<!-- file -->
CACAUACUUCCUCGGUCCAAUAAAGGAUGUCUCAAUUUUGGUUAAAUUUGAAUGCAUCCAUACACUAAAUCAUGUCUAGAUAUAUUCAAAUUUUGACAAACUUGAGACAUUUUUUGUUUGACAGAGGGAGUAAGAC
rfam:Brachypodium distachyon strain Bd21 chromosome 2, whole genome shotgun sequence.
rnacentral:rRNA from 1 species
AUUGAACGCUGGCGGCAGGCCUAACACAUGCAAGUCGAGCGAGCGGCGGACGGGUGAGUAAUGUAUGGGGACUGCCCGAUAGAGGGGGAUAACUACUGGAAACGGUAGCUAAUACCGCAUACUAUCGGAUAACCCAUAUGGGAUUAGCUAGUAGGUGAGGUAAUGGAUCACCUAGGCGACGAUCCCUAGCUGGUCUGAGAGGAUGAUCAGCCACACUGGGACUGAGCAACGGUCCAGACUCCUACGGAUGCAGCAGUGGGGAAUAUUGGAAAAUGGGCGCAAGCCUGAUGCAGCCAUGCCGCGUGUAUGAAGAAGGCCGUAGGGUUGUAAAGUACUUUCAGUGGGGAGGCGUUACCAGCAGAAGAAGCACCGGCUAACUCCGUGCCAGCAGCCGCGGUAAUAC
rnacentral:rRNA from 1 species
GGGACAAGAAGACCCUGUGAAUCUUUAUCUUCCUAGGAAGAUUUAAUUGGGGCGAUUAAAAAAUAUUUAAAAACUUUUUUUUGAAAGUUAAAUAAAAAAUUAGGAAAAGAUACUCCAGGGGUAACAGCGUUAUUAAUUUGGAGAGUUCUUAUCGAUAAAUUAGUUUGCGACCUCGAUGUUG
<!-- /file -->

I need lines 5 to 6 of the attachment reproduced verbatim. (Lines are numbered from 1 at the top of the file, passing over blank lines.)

rnacentral:rRNA from 1 species
GGGACAAGAAGACCCUGUGAAUCUUUAUCUUCCUAGGAAGAUUUAAUUGGGGCGAUUAAAAAAUAUUUAAAAACUUUUUUUUGAAAGUUAAAUAAAAAAUUAGGAAAAGAUACUCCAGGGGUAACAGCGUUAUUAAUUUGGAGAGUUCUUAUCGAUAAAUUAGUUUGCGACCUCGAUGUUG